So Much for Civil Liberties: Communist Cuba's Mandatory AIDS Quarantine Defended in New York Times, Dictator Castro Praised
New York Times "global health correspondent" Donald McNeil Jr. made a rare trip to Cuba and filed a report praising the Communist island's handling of the AIDS epidemic for Tuesday's "A Regime's Tight Grip on AIDS – In Cuba, rigorous testing, education, and free condoms help keep the epidemic in check." Conspiciously absent from that headline, especially for a newspaper that prides itself on defending civil liberties, were the involuntary quarantines of AIDS patients that took place in Cuba until 1993.
McNeil also downplayed concerns about the sanitarium prisons for AIDS patients ("life inside was not brutal"), a policy the Times would no doubt find dangerous and repellent if done in America. He also praised Cuba's "universal health care" and free condoms and credited "socialism" for Cuba's success.
(The same edition of the Science Times was much harder on American health policy, featuring medical writer Tara Parker-Pope talking to a doctor angry about the medical tests selfish Americans demand, a theme well-suited to the Times' call for cost-cutting via universal health care: "Plenty of Blame in a Health System 'Designed to Fail.'")
McNeil opened with the case of Yudelsy García O’Connor, the first Cuban baby known to have been born with H.I.V., the virus that causes AIDS, and downplayed the quaranatine policy.
Ms. García is alive thanks partly to lucky genes, and partly to the intensity with which Cuba has attacked its AIDS epidemic. Whatever debate may linger about the government’s harsh early tactics -- until 1993, everyone who tested positive for H.I.V. was forced into quarantine -- there is no question that they succeeded.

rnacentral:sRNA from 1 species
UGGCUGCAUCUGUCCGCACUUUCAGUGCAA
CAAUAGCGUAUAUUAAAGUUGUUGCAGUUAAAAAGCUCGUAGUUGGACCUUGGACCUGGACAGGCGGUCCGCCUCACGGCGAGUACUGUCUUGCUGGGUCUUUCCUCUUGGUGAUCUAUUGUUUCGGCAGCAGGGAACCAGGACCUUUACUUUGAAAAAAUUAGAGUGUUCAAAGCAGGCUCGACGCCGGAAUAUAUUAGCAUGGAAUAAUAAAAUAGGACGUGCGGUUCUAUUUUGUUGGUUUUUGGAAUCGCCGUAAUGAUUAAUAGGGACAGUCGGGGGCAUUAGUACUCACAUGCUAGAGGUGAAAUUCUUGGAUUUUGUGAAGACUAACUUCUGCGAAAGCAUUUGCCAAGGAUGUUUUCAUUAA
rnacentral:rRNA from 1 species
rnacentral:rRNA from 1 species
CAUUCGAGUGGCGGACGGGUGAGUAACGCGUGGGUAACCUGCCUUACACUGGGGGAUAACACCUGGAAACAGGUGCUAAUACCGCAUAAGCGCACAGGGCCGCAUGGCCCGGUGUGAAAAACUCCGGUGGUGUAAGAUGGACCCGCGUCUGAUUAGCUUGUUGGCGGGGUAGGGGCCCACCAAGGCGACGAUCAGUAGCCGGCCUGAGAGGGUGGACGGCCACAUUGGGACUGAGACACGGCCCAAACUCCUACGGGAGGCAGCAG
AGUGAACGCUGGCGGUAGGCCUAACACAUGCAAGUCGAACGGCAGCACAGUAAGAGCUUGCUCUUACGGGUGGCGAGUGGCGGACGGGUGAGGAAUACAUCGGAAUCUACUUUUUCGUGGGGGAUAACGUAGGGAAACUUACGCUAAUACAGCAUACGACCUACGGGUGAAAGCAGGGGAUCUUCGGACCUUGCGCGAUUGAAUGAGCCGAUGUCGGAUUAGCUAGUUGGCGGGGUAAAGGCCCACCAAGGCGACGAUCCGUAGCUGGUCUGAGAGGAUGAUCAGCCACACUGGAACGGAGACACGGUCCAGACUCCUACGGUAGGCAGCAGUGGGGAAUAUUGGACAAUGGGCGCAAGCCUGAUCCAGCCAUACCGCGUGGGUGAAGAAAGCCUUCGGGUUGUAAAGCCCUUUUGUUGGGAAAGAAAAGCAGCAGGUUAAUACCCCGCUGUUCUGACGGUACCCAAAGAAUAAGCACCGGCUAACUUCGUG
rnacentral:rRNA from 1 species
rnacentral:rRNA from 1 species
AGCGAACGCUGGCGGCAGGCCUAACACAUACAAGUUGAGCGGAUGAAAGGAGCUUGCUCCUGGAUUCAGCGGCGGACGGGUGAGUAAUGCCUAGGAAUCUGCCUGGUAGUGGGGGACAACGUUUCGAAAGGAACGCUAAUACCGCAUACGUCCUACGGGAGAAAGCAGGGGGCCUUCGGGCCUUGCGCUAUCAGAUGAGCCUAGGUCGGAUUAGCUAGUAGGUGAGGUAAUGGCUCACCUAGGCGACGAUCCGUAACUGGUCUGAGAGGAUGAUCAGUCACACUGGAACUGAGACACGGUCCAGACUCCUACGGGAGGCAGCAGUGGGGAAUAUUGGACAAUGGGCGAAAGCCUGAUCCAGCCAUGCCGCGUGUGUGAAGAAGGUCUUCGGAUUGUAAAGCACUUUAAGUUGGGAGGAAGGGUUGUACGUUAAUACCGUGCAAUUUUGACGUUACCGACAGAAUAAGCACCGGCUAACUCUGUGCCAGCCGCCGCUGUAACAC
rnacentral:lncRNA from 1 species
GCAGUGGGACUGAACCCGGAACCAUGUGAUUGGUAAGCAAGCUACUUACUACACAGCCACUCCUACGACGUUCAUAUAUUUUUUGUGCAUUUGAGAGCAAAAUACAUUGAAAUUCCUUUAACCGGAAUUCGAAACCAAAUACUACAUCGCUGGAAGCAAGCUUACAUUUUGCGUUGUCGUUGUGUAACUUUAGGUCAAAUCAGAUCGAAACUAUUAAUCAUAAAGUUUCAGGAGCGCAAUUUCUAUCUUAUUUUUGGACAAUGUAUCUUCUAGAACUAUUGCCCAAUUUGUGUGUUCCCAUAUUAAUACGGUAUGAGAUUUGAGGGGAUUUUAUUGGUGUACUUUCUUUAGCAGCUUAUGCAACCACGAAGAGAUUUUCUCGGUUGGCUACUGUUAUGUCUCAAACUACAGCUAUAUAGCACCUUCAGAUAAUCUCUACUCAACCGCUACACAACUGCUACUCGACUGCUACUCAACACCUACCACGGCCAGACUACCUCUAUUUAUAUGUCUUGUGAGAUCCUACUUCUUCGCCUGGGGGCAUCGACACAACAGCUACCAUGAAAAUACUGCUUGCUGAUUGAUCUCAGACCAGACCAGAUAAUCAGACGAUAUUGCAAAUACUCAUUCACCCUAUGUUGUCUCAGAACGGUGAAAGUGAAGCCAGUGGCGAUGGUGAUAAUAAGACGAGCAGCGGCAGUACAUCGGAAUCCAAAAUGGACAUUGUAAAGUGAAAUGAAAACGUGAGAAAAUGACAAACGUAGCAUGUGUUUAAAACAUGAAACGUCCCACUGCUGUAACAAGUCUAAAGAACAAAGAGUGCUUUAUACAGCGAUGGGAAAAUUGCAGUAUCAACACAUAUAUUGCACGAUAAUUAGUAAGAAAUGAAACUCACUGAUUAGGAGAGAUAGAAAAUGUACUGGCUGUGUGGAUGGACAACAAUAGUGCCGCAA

Cuba now has one of the world’s smallest epidemics, a mere 14,038 cases. Its infection rate is 0.1 percent, on par with Finland, Singapore and Kazakhstan. That is one-sixth the rate of the United States, one-twentieth of nearby Haiti.
The population of Cuba is only slightly larger than that of New York City. In the three decades of the global AIDS epidemic, 78,763 New Yorkers have died of AIDS. Only 2,364 Cubans have.
Other elements have contributed to Cuba’s success: It has free universal basic health care; it has stunningly high rates of H.I.V. testing; it saturates its population with free condoms, concentrating on high-risk groups like prostitutes; it gives its teenagers graphic safe-sex education; it rigorously traces the sexual contacts of each person who tests positive.
By contrast, the response in the United States -- which records 50,000 new infections every year -- seems feeble. Millions of poor people never see a doctor. Testing is voluntary, and many patients do not return for their results. Sex education is so politicized that many schools teach nothing about protected sex; condoms are expensive, and distribution of free ones is haphazard.
McNeil credited dictator Fidel Castro in an anecdote that must surely be 100% accurate, coming from a Communist regime with no respect for free speech, showing the dictator waking up to the dangers of AIDS two years before President Ronald Reagan would even mention the disease.
Many medical authorities agree that Cuba had an early and effective response to the epidemic. In his book, “AIDS: Confessions to a Doctor,” published only in Spanish, Dr. Pérez gave his account of the meeting that galvanized Cuba’s response